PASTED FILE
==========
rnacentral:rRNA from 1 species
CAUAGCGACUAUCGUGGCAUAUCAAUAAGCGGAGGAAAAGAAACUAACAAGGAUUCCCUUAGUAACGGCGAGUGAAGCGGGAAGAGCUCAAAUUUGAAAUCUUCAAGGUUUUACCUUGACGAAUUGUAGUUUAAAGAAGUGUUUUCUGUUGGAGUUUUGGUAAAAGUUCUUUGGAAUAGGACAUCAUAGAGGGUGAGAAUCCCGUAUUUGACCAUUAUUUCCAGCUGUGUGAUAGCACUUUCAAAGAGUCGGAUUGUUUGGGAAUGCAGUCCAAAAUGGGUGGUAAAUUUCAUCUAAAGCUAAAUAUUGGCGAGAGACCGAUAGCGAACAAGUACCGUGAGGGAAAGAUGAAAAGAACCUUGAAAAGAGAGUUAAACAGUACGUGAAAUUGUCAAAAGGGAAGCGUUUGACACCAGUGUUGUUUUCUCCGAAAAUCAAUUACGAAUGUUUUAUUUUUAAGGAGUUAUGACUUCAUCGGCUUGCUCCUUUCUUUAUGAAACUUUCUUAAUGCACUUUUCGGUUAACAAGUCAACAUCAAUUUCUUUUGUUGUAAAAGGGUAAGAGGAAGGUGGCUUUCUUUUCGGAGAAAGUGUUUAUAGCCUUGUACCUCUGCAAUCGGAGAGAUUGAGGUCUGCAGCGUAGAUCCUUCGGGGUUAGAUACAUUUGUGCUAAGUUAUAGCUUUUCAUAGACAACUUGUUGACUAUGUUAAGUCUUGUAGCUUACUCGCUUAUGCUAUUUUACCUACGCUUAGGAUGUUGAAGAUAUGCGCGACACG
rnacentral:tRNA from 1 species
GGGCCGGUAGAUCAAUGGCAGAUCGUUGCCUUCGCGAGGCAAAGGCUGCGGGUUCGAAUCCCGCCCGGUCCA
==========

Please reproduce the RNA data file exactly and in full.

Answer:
rnacentral:rRNA from 1 species
CAUAGCGACUAUCGUGGCAUAUCAAUAAGCGGAGGAAAAGAAACUAACAAGGAUUCCCUUAGUAACGGCGAGUGAAGCGGGAAGAGCUCAAAUUUGAAAUCUUCAAGGUUUUACCUUGACGAAUUGUAGUUUAAAGAAGUGUUUUCUGUUGGAGUUUUGGUAAAAGUUCUUUGGAAUAGGACAUCAUAGAGGGUGAGAAUCCCGUAUUUGACCAUUAUUUCCAGCUGUGUGAUAGCACUUUCAAAGAGUCGGAUUGUUUGGGAAUGCAGUCCAAAAUGGGUGGUAAAUUUCAUCUAAAGCUAAAUAUUGGCGAGAGACCGAUAGCGAACAAGUACCGUGAGGGAAAGAUGAAAAGAACCUUGAAAAGAGAGUUAAACAGUACGUGAAAUUGUCAAAAGGGAAGCGUUUGACACCAGUGUUGUUUUCUCCGAAAAUCAAUUACGAAUGUUUUAUUUUUAAGGAGUUAUGACUUCAUCGGCUUGCUCCUUUCUUUAUGAAACUUUCUUAAUGCACUUUUCGGUUAACAAGUCAACAUCAAUUUCUUUUGUUGUAAAAGGGUAAGAGGAAGGUGGCUUUCUUUUCGGAGAAAGUGUUUAUAGCCUUGUACCUCUGCAAUCGGAGAGAUUGAGGUCUGCAGCGUAGAUCCUUCGGGGUUAGAUACAUUUGUGCUAAGUUAUAGCUUUUCAUAGACAACUUGUUGACUAUGUUAAGUCUUGUAGCUUACUCGCUUAUGCUAUUUUACCUACGCUUAGGAUGUUGAAGAUAUGCGCGACACG
rnacentral:tRNA from 1 species
GGGCCGGUAGAUCAAUGGCAGAUCGUUGCCUUCGCGAGGCAAAGGCUGCGGGUUCGAAUCCCGCCCGGUCCA